Table 1: Adverse Reactions Occurring with a Frequency of
at least 2.0% and Greater than Placebo from Controlled Clinical Trials 2 to 6
Weeks in Duration in Patients 12 Years of Age and Older with Seasonal or
Perennial Allergic Rhinitis
|Adverse Reaction||ZETONNA Nasal Aerosol 74 mcg Once Daily
N = 884 (%)
N = 892 (%)
|Nasal discomforta||28 (3.2)||16 (1.8)|
|Headache||27 (3.1)||11 (1.2)|
|Epistaxis||26 (2.9)||24 (2.7)|
|a Nasal discomfort includes both nasal discomfort and instillation site discomfort|
When considering the data from higher doses evaluated in the short-term trials, epistaxis demonstrated a dose response. In addition, two patients treated with ZETONNA Nasal Aerosol 74 mcg experienced nasal septal perforations in the short-term trials compared to no patients treated with placebo.
Approximately 1.2% of patients treated with ZETONNA Nasal Aerosol 74 mcg in clinical trials discontinued because of adverse reactions; this rate was similar for patients treated with placebo.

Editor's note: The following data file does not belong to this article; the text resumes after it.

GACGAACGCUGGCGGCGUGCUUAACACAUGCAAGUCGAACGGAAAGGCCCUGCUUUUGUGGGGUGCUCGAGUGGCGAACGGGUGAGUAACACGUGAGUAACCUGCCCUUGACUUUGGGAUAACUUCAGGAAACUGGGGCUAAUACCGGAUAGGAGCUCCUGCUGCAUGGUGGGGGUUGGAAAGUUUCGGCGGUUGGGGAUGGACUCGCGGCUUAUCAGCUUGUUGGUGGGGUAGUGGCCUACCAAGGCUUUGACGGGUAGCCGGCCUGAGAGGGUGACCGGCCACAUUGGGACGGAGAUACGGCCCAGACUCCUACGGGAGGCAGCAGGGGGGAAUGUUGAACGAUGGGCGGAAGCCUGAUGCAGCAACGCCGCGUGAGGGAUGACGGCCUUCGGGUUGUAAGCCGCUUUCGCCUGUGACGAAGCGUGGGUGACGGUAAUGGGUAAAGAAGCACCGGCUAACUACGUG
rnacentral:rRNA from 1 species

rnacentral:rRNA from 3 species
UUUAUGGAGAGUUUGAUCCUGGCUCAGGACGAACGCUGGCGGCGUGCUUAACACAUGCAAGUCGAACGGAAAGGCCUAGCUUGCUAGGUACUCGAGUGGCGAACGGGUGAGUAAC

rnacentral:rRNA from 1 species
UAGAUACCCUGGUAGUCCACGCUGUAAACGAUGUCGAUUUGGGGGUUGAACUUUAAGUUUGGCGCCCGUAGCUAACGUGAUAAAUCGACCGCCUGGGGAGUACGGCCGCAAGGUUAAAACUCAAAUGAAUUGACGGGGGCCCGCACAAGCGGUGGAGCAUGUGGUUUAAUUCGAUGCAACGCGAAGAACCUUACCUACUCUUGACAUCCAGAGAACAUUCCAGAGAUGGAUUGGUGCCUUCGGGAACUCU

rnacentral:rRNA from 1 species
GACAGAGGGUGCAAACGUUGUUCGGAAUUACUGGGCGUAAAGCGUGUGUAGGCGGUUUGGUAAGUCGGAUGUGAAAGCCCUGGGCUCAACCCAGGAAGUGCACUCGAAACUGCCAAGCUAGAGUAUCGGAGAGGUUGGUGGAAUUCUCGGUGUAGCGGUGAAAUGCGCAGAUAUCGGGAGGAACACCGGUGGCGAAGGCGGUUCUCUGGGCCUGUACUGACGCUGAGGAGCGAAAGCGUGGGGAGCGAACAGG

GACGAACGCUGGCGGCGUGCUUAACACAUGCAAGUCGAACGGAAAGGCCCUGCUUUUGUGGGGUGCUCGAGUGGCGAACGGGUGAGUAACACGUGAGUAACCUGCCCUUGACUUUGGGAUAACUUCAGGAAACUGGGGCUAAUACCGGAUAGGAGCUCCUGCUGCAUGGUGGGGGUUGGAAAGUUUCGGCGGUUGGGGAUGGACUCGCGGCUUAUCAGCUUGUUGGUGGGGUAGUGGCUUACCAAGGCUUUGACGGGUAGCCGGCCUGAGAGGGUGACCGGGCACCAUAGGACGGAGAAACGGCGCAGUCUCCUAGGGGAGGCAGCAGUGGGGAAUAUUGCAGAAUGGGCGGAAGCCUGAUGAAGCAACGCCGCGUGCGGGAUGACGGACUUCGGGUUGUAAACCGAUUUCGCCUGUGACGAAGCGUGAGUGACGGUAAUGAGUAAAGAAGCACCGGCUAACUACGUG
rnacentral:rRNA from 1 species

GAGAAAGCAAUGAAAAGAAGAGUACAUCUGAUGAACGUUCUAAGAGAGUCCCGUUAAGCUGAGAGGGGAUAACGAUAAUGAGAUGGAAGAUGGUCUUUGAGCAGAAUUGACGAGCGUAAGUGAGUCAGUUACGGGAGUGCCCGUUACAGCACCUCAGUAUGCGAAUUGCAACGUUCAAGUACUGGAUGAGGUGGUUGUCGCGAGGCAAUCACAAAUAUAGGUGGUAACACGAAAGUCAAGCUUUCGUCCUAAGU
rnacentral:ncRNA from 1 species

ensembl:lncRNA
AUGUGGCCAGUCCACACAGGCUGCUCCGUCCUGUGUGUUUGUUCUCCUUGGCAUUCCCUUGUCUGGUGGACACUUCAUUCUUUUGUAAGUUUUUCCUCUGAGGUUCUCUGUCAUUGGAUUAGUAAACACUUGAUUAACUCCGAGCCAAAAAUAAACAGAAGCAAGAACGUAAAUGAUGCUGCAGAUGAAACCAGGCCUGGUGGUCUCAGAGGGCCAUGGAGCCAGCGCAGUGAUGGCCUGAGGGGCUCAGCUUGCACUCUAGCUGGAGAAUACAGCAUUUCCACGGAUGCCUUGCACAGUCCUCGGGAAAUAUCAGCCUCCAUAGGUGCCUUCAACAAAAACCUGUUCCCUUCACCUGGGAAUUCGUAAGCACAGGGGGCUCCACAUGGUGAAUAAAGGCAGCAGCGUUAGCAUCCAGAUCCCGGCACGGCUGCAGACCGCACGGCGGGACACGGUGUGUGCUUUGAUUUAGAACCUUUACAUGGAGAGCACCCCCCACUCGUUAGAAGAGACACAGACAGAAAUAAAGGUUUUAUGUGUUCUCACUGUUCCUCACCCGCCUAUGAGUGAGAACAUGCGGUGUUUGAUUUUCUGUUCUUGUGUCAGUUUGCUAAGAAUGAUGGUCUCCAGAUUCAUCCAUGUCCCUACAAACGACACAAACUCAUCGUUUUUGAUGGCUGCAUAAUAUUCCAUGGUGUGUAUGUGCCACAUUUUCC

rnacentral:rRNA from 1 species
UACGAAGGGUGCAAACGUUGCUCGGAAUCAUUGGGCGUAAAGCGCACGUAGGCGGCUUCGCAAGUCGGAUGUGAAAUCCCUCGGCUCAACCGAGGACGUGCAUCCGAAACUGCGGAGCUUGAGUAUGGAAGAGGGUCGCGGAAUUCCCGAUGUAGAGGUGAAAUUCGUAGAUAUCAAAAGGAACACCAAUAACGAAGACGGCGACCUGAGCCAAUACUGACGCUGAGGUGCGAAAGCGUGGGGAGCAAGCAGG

Discontinuations due to local adverse reactions were similar in ZETONNA Nasal Aerosol 74 mcg treated patients (0.8%) compared to placebo treated patients (0.8%). Local adverse reactions leading to discontinuation that occurred only in ZETONNA Nasal Aerosol treated patients included ear infection, nasal discomfort, nasal dryness, nasal mucosal/septum disorders, pharyngitis, streptococcal pharyngitis, sinus headache, and tonsillitis.
Pediatric Patients Aged 2 to 11 Years
Trials of ZETONNA Nasal Aerosol have not been conducted in pediatric patients aged 2 to 11 years.
Long-Term (26-Week Double-Blind and 26-Week Open-Label) Safety Trial